Clearing the air, literally

As pollution levels fall, Mexico City's residents breathe cleaner air - and a sigh of relief.

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Not even a decade ago, the atmosphere surrounding Mexico's capital was so toxic that birds died midflight and many of the city's residents were forced to walk the streets in surgical masks. But today, things are looking brighter: The skies are sometimes blue, and the volcanic range that rings the city has reemerged from the haze.

"We're in the best position we've ever been in," says Luis Roberto Acosta, director of Mexico City's International Environmental Monitoring Institute (SIMA), confirming that the skies are clearing above North America's largest city.

On Oct. 15, this city will mark two straight years without a smog emergency, something that would have been unthinkable a decade ago.

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Mexico City is reaping the benefits of seeds planted in 1986. Then, the government began to heed local and international alarm bells about the worsening situation. It established greenbelts, phased out leaded gasoline, introduced emission standards for vehicles, and passed legislation to pull cars off the streets and shut factories when pollution levels reach dangerous heights.

Thanks to those efforts, the key pollution index, which measures the amount of poisonous ozone gas in the air, has fallen from an average of 211 points in 1991 to 104 so far this year. But, says Mr. Acosta, "better doesn't mean good." He worries that after 15 years of slow but steady improvement, a sense of crisis could be lost. "We've become desensitized. By North American standards, the air here is still terrible."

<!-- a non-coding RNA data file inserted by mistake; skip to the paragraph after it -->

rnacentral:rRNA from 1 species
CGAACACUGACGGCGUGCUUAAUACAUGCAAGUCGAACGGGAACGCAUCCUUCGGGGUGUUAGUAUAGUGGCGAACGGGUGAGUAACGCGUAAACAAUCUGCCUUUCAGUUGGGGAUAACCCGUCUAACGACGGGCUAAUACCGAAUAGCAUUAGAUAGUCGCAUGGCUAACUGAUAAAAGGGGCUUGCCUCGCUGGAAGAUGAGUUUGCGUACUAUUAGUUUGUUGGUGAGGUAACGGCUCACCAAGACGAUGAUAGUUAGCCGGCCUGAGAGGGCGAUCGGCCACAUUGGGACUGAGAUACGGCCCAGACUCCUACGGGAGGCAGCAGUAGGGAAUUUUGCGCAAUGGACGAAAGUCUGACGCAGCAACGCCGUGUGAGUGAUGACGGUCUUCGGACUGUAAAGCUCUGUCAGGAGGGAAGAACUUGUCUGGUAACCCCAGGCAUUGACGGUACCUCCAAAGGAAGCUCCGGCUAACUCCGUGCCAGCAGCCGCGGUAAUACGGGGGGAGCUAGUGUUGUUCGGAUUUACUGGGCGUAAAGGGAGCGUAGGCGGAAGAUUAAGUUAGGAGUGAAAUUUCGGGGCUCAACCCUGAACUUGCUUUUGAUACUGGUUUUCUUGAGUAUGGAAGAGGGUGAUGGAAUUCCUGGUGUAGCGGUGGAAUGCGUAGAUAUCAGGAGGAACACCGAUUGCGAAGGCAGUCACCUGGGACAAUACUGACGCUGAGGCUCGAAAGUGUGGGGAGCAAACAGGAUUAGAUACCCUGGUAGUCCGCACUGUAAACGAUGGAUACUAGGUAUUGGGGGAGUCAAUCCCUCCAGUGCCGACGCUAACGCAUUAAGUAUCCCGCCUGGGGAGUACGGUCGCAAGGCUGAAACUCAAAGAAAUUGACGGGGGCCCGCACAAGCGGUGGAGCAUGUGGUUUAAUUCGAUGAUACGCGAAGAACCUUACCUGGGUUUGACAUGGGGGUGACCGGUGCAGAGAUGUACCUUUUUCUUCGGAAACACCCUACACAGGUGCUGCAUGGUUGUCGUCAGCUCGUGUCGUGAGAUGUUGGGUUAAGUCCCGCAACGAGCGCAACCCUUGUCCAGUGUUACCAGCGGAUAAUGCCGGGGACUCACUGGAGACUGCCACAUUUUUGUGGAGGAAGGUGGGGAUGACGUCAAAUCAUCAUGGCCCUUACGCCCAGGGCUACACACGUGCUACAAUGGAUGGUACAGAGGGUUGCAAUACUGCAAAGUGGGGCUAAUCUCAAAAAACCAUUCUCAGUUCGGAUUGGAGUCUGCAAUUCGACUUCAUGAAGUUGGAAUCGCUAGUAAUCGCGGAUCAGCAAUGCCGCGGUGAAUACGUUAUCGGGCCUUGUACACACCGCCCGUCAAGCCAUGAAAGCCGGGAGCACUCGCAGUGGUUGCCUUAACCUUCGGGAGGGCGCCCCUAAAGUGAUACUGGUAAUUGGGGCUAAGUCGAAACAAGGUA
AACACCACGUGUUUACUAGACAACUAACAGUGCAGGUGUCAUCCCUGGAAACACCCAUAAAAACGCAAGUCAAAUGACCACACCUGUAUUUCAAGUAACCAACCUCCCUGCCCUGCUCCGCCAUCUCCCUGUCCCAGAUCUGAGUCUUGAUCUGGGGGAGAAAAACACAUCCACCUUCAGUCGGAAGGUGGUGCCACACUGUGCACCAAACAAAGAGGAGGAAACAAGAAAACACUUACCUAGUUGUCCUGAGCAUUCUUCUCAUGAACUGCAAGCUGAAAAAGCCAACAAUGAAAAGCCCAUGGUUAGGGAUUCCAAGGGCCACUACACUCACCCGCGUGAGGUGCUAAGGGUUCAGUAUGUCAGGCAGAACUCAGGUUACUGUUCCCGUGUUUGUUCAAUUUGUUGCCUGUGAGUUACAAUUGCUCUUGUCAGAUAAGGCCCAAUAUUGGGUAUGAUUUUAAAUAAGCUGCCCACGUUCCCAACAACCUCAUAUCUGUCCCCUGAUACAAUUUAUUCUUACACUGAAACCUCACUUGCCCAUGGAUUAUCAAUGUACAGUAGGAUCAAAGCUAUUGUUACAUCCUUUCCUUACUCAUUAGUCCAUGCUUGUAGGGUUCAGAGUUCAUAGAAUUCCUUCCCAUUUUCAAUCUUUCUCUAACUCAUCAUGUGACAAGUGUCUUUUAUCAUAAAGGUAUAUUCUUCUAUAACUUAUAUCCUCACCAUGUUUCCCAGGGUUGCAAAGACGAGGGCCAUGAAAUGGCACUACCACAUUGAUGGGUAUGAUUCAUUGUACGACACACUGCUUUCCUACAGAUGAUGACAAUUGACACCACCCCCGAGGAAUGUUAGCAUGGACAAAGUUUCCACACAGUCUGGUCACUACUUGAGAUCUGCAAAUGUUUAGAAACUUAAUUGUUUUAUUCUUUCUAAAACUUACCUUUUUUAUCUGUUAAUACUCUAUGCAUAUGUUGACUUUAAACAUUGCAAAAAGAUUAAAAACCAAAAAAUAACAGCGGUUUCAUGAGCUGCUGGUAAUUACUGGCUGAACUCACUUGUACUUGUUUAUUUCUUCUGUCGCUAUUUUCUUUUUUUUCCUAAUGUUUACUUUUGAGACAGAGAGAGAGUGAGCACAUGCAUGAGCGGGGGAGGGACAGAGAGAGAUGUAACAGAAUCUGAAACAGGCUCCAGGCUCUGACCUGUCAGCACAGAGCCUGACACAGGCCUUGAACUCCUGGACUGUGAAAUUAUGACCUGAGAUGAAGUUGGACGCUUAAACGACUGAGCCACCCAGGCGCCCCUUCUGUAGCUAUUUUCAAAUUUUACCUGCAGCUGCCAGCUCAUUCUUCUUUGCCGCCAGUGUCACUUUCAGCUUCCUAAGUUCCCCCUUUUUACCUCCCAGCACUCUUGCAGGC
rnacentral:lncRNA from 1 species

Despite the drop in the ozone count, Mexico City's average remains nearly double that of the most polluted US cities, where any reading above 100 would be considered a public health crisis.

Last year, the ozone count here was above 100 on 243 days. Getting it consistently below that mark will require tougher rules to get the most-polluting cars off the roads, and major investments in public transport to give drivers an alternative.

"We've reached the point where making progress is going to get a lot more expensive," says Rafael Ramos, director of air-quality management for the Mexico City government. About 80 percent of the city's pollution is caused by its 3.5 million vehicles. Mr. Ramos says most of that pollution comes from the roughly 50 percent of them that are older than 10 years.

Ernesto Rodriquez, the driver of one of this city's aging cabs, knows cars like his Volkswagen Bug are a problem, but he's not going to leave the road. "There's no money for new cabs, and I'd be out of a job if they took this one away," he says.

A lengthy political fight is likely before older cars are taken off the road. "The question is: Are people willing enough to make personal sacrifices for cleaner air?" says SIMA's Acosta.

Although the improvement in air quality is largely due to government efforts, the weather has also been favorable. The city, which is surrounded by peaks that keep the wind out and emissions in, has had steady rainfall which helps clean the air. But Ramos warns that a major drought could lead to a drastic short-term deterioration in air quality, which is why he wants to see tougher standards imposed soon.

He's especially worried because people continue to pour into the valley, already home to about 20 million. Acosta agrees: "We have no controls on growth, which is our biggest problem. If we're not careful, we could get pushed back to the bad old days."

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